Mechanical & Materials Engineering, Department of


First Advisor

David H. Allen

Date of this Version



Ph.D. Dissertation Presented to the Faculty of The Graduate College at the University of Nebraska In Partial Fulfillment of Requirements For the Degree of Doctor of Philosophy. Major: Engineering (Engineering Mechanics). Under the Supervision of Professor David H. Allen. Lincoln, Nebraska: April, 2009. Copyright (c) 2009 Flavio Vasconcelos de Souza.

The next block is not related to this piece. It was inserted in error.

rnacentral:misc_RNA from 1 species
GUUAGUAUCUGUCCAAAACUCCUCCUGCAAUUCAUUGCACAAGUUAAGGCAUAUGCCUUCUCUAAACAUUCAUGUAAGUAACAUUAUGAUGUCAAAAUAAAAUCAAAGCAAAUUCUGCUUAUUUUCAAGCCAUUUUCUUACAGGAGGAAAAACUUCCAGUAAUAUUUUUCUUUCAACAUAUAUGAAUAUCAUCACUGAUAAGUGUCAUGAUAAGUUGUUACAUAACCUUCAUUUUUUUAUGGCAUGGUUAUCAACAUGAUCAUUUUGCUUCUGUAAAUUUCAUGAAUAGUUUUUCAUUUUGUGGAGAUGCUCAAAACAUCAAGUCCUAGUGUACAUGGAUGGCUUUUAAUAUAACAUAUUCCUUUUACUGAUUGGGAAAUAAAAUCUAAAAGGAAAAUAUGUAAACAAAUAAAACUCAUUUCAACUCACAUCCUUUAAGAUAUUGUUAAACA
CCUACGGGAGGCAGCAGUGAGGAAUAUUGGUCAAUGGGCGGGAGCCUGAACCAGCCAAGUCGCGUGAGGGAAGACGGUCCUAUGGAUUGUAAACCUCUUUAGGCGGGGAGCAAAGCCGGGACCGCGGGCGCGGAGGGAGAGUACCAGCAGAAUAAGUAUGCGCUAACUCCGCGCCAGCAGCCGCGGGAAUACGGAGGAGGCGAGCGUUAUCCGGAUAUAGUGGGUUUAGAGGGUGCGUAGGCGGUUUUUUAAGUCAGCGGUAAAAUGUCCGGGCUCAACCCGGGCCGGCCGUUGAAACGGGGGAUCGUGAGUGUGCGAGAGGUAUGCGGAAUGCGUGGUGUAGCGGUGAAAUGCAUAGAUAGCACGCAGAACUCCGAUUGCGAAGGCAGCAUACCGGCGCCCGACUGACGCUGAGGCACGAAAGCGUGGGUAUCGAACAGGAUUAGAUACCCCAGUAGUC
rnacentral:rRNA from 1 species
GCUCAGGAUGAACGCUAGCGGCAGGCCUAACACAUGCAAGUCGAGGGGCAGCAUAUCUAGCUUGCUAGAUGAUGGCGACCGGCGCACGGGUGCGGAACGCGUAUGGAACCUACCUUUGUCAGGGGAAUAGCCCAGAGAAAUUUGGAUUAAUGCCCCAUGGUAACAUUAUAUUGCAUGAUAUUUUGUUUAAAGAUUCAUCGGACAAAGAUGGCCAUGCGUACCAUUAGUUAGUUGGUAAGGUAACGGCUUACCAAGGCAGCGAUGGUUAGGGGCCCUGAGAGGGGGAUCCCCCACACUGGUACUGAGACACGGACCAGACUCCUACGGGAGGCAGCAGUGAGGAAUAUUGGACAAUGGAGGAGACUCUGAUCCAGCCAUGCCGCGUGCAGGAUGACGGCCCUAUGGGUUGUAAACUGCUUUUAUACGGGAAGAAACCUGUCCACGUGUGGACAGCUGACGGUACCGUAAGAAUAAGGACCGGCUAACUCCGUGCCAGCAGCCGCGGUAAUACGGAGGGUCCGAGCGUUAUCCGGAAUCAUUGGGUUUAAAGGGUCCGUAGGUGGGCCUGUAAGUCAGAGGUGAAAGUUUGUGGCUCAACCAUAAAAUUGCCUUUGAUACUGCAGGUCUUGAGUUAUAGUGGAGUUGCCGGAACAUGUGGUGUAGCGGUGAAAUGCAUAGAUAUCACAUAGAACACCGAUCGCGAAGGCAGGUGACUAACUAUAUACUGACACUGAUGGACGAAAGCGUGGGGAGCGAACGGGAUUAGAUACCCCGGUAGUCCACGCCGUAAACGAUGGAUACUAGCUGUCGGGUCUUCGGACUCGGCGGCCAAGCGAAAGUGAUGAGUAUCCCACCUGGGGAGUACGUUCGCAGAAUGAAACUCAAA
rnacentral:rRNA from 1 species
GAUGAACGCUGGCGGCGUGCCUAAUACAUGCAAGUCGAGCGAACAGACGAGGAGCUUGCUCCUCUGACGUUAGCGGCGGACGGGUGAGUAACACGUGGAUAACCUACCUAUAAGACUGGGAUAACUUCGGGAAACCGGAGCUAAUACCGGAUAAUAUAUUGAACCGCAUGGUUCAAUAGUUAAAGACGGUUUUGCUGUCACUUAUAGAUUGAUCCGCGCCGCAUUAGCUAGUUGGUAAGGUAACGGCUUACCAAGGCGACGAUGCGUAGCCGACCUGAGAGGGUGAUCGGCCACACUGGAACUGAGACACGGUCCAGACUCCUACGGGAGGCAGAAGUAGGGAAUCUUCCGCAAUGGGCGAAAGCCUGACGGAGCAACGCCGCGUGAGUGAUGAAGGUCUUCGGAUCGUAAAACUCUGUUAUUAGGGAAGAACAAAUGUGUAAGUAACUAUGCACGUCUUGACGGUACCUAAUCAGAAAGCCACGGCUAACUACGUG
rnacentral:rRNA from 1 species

Multiscale computational techniques play a major role in solving problems related to viscoelastic composite materials due to the complexities inherent to these materials. In the present work, a numerical procedure for multiscale modeling of impact on heterogeneous viscoelastic solids containing evolving microcracks is proposed in which the (global scale) homogenized viscoelastic incremental constitutive equations have the same form as the local scale viscoelastic incremental constitutive equations, but the homogenized tangent constitutive tensor and the homogenized incremental history dependent stress tensor depend on the amount of damage accumulated at the local scale. Furthermore, the developed technique allows the computation of the full anisotropic incremental constitutive tensor of solids containing evolving cracks (and other kinds of heterogeneities) by solving the micromechanical problem only once. The procedure is basically developed by relating the local scale displacement field to the global scale strain tensor and using first order homogenization techniques. The finite element formulation is developed and some example problems are presented in order to verify and demonstrate the model capabilities. A two-scale analytical solution for a functionally graded elastic material subject to dynamic loads is also derived in order to verify the multiscale computational model and additional code verification is also performed. Even though the presented model has been implemented in an explicit time integration algorithm, it can be especially useful when the global scale problem is solved by an implicit finite element algorithm, which requires the knowledge of the global tangent constitutive tensor in order to assemble the corresponding stiffness matrix.